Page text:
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Working in the cold Workers say it’s preparation and grit

A mechanic works outdoors Friday attempting to get a car started in Jamestown. John M. Steiner / The Sun

People who need to work outside this week say they prepare but that is also takes a little grit to take it all in stride.

“Its cold but we’re used to it,” said Dale Fisher, the lead residential driver with the Jamestown Sanitation Department. “It’s a job and we have to do it, regardless of how cold it is or how hot it is.”

The prolonged extreme cold for this week does require a little more care of the hydraulic equipment, he said. The Sanitation Department issues thermal clothing and winter gloves along with the reflective gear to make them visible to traffic, he said.

“We adapt to climate,” Fisher said. “We’ve lived here long enough to know what it is.”

The trucks leave the bailer at 7:30 a.m. and work up to the coffee break at 9:30 a.m., he said. The key to keeping warm is to keep moving and the workers can get into the truck at any time they need to warm up, he said.

“If it’s cold then we take a little longer break, but if they just want to keep going then we keep going,” Fisher said. “It’s really hard to say; everyone knows the job and knows what to do and they don’t complain — but we do appreciate the warm breaks.”

Roger Mayhew, Sanitation Department foreman, said the department is also shorthanded and that has made it more difficult for the regular workers this year, he said.

Some workers left with the understanding that layoffs were coming and so they were replaced by temporary workers who are still in training, he said.

Pat Zimmerman, a carrier for the U.S. Postal Service in Jamestown, said he stores the mail for his route at neighborhood postal boxes in the morning and walks the entire route from 9:30 a.m. to 2:30 p.m. After 12 years he said he just got used to working in extreme weather.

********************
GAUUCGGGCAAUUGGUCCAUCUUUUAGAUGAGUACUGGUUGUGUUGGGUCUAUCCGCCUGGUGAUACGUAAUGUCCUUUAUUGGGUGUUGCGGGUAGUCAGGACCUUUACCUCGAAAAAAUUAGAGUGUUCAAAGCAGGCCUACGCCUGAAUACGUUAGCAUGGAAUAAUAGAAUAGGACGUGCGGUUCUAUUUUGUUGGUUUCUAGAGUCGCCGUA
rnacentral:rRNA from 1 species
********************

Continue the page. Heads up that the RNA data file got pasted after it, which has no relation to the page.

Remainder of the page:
“No brains, no headaches,” Zimmerman said. “Today, I’m sweating. Walking south you can feel the difference.”

Zimmerman said he does use work-issued hand warmers along with his own thermal gear. He said he also has two locations along the route to warm up if necessary.

By preparing for the weather and making the routine as efficient as possible, the job is not so difficult in any weather, he said. Spring will be here before long, he said.

“Winter is half over,” Zimmerman said.

Cpt. Bryan Niewind, commander of the southeast region of the North Dakota Highway Patrol, said the gas tanks are kept full on the patrol vehicles and the officers bring food and water along just in case it’s needed on bad weather days. The officers drive as many shift miles as possible in cold weather to try and be nearby for any stranded motorists.

“We want to give help as quick as we can because it will get cold fast if you’re sitting in a car that is not running,” Niewind said.

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“We adapt to climate, We’ve lived here long enough to know what it is.

the DALE FISHER residential , driver, Jamestown Sanitation Department